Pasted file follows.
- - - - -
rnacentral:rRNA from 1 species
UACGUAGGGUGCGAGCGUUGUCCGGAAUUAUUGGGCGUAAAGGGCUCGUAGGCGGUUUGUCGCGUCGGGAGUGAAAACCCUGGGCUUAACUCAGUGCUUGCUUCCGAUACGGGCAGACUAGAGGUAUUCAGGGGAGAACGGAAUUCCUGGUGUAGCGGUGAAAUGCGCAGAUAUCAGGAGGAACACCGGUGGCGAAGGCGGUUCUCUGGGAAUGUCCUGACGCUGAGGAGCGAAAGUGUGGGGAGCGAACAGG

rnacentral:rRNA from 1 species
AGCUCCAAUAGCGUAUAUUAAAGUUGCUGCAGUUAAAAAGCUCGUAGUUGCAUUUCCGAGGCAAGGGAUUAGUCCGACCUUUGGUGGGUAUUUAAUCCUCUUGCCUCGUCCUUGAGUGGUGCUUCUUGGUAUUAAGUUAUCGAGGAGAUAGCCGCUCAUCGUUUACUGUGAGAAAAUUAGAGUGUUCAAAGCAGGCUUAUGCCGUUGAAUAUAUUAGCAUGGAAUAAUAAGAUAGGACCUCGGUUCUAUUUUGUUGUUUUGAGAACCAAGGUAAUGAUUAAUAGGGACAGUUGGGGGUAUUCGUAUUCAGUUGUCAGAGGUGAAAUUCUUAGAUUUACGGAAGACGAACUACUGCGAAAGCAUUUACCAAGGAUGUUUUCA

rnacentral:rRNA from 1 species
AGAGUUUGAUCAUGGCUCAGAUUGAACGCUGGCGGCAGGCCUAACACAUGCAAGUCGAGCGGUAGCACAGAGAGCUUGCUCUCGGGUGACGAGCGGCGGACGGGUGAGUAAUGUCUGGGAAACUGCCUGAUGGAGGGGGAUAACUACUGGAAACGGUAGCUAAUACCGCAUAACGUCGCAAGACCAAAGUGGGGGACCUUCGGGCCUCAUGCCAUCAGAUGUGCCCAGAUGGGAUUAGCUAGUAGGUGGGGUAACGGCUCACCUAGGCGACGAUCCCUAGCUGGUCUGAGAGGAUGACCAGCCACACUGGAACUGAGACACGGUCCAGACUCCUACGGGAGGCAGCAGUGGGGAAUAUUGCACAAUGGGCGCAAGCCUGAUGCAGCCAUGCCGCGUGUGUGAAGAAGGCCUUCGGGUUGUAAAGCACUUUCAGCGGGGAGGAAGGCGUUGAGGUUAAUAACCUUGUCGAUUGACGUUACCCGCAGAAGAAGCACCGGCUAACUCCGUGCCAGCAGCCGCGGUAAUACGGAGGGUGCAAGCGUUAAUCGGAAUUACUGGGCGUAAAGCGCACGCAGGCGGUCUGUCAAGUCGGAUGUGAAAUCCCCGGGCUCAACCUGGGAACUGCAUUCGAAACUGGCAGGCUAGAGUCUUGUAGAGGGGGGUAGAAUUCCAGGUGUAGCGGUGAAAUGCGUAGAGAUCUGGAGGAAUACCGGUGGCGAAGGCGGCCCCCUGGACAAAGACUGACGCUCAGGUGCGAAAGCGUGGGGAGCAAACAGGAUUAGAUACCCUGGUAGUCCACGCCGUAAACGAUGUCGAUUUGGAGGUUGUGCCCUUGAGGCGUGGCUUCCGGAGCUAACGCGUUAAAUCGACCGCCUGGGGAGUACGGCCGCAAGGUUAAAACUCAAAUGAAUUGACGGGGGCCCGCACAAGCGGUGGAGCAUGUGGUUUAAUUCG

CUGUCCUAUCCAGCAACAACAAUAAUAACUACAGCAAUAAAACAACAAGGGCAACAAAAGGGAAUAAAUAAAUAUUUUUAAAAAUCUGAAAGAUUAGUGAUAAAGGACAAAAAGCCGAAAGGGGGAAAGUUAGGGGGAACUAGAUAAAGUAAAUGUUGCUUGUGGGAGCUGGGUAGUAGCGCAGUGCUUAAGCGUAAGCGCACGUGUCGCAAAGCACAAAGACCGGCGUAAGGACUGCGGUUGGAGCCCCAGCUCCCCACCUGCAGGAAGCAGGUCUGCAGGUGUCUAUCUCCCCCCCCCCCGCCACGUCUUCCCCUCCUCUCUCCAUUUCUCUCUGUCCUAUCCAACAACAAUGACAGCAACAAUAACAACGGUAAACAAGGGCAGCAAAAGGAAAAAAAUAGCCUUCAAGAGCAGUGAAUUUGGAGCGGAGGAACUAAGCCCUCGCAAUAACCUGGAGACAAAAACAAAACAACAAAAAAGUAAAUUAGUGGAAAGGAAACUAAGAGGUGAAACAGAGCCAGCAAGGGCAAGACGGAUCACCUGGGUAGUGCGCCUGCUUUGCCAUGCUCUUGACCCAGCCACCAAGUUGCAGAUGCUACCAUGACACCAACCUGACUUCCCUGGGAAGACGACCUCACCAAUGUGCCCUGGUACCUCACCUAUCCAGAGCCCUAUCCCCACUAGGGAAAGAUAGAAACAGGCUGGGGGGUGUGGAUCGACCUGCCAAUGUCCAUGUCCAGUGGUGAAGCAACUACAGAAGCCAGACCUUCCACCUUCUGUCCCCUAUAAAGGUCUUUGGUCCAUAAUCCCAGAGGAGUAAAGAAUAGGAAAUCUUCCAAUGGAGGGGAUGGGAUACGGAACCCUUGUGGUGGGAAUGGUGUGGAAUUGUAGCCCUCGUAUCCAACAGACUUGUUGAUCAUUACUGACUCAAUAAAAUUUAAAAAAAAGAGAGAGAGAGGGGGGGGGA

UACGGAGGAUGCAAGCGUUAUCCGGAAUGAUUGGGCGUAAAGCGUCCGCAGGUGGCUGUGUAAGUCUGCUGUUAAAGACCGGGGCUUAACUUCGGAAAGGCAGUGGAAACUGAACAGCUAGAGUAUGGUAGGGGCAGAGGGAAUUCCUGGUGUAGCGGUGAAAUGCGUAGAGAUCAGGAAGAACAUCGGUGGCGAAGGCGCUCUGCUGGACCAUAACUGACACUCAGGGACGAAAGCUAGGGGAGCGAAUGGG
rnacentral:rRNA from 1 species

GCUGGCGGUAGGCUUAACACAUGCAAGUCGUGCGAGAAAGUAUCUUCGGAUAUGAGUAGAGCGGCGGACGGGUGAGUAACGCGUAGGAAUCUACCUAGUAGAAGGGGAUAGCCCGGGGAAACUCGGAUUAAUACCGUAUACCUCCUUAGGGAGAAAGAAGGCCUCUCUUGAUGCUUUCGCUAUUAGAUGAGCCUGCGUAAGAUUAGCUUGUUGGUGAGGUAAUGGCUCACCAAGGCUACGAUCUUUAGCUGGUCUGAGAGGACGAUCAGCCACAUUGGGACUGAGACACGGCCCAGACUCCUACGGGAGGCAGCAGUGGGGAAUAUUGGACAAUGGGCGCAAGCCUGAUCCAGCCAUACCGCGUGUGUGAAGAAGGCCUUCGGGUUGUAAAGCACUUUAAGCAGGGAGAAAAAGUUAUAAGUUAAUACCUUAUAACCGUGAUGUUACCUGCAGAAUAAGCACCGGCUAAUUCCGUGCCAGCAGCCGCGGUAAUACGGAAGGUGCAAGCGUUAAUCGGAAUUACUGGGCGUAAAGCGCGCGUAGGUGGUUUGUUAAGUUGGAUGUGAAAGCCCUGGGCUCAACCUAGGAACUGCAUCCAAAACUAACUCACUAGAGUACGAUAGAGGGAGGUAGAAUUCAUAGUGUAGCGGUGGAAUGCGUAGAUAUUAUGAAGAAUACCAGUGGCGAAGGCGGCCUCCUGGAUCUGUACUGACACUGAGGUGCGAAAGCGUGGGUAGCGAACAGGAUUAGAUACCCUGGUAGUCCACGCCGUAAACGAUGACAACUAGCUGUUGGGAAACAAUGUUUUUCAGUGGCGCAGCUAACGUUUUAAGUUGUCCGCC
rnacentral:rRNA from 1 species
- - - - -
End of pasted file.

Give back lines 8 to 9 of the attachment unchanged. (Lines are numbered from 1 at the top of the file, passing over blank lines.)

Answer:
UACGGAGGAUGCAAGCGUUAUCCGGAAUGAUUGGGCGUAAAGCGUCCGCAGGUGGCUGUGUAAGUCUGCUGUUAAAGACCGGGGCUUAACUUCGGAAAGGCAGUGGAAACUGAACAGCUAGAGUAUGGUAGGGGCAGAGGGAAUUCCUGGUGUAGCGGUGAAAUGCGUAGAGAUCAGGAAGAACAUCGGUGGCGAAGGCGCUCUGCUGGACCAUAACUGACACUCAGGGACGAAAGCUAGGGGAGCGAAUGGG
rnacentral:rRNA from 1 species